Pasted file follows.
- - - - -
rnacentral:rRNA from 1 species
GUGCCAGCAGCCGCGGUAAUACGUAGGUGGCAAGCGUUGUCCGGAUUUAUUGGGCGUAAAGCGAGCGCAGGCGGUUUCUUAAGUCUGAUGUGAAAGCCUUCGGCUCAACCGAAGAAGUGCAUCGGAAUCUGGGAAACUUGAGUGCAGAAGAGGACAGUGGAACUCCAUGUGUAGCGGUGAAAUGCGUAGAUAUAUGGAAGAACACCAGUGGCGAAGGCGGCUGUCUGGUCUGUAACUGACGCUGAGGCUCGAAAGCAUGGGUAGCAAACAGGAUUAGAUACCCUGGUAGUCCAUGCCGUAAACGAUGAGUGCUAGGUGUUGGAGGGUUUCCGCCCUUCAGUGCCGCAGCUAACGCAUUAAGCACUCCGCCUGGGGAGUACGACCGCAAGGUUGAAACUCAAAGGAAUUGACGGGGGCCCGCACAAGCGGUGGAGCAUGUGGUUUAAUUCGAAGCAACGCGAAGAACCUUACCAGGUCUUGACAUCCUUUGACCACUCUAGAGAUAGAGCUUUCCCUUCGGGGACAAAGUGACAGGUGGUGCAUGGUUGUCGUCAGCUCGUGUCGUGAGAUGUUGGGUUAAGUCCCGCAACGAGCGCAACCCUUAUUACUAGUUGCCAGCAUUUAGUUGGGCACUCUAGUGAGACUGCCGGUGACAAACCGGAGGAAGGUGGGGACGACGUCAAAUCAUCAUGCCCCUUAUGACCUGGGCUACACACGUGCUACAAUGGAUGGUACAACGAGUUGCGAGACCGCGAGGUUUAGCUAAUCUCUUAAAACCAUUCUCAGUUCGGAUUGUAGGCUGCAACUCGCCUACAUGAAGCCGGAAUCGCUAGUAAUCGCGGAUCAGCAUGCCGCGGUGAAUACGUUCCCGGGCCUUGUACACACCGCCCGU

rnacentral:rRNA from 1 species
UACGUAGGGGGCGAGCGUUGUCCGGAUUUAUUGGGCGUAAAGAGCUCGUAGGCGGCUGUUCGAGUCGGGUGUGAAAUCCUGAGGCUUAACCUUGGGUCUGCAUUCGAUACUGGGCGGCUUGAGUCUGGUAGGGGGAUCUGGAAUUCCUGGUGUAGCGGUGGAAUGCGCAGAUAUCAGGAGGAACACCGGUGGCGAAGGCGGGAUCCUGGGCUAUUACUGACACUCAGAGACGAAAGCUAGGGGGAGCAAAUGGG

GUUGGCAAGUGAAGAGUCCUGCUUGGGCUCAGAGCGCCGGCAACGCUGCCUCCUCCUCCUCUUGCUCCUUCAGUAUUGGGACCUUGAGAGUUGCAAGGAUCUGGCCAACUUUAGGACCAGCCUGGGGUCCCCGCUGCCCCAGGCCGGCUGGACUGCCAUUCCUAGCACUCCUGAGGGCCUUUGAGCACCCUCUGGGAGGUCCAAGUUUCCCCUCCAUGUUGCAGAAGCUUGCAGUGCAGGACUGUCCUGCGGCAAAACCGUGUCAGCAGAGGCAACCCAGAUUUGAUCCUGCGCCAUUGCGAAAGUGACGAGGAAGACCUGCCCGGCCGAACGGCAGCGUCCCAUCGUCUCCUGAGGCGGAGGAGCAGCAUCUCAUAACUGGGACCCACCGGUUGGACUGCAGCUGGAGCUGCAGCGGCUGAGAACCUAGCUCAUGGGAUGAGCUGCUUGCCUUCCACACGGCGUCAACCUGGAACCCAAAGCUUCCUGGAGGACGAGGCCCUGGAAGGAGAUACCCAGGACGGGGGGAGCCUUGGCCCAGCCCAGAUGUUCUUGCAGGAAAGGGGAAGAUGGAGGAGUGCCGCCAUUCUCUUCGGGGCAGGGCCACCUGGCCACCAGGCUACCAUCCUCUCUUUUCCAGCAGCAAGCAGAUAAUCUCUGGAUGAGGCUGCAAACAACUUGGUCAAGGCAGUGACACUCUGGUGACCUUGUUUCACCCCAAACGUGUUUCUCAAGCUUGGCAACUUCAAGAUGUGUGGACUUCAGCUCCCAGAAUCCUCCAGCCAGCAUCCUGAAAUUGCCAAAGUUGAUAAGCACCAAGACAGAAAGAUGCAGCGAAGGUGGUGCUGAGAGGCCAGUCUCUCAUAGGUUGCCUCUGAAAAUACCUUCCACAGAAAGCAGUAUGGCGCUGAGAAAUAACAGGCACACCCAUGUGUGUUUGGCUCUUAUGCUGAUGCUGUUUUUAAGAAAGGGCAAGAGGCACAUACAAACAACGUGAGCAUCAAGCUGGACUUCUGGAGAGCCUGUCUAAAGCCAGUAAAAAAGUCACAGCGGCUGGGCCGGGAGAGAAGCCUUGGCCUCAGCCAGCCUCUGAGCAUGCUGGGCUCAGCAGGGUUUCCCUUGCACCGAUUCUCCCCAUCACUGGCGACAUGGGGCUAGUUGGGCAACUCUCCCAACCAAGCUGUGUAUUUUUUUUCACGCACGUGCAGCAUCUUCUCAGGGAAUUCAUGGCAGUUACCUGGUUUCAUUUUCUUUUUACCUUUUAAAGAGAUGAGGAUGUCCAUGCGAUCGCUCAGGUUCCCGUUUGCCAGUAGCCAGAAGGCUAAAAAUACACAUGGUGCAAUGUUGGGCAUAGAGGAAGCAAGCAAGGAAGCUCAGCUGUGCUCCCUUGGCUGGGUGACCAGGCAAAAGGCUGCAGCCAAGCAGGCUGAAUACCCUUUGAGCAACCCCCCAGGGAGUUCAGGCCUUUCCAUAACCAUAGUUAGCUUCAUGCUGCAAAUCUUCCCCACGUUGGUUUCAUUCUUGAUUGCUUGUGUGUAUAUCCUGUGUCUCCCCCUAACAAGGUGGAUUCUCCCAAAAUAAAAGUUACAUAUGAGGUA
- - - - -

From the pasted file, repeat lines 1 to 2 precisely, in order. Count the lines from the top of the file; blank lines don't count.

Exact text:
rnacentral:rRNA from 1 species
GUGCCAGCAGCCGCGGUAAUACGUAGGUGGCAAGCGUUGUCCGGAUUUAUUGGGCGUAAAGCGAGCGCAGGCGGUUUCUUAAGUCUGAUGUGAAAGCCUUCGGCUCAACCGAAGAAGUGCAUCGGAAUCUGGGAAACUUGAGUGCAGAAGAGGACAGUGGAACUCCAUGUGUAGCGGUGAAAUGCGUAGAUAUAUGGAAGAACACCAGUGGCGAAGGCGGCUGUCUGGUCUGUAACUGACGCUGAGGCUCGAAAGCAUGGGUAGCAAACAGGAUUAGAUACCCUGGUAGUCCAUGCCGUAAACGAUGAGUGCUAGGUGUUGGAGGGUUUCCGCCCUUCAGUGCCGCAGCUAACGCAUUAAGCACUCCGCCUGGGGAGUACGACCGCAAGGUUGAAACUCAAAGGAAUUGACGGGGGCCCGCACAAGCGGUGGAGCAUGUGGUUUAAUUCGAAGCAACGCGAAGAACCUUACCAGGUCUUGACAUCCUUUGACCACUCUAGAGAUAGAGCUUUCCCUUCGGGGACAAAGUGACAGGUGGUGCAUGGUUGUCGUCAGCUCGUGUCGUGAGAUGUUGGGUUAAGUCCCGCAACGAGCGCAACCCUUAUUACUAGUUGCCAGCAUUUAGUUGGGCACUCUAGUGAGACUGCCGGUGACAAACCGGAGGAAGGUGGGGACGACGUCAAAUCAUCAUGCCCCUUAUGACCUGGGCUACACACGUGCUACAAUGGAUGGUACAACGAGUUGCGAGACCGCGAGGUUUAGCUAAUCUCUUAAAACCAUUCUCAGUUCGGAUUGUAGGCUGCAACUCGCCUACAUGAAGCCGGAAUCGCUAGUAAUCGCGGAUCAGCAUGCCGCGGUGAAUACGUUCCCGGGCCUUGUACACACCGCCCGU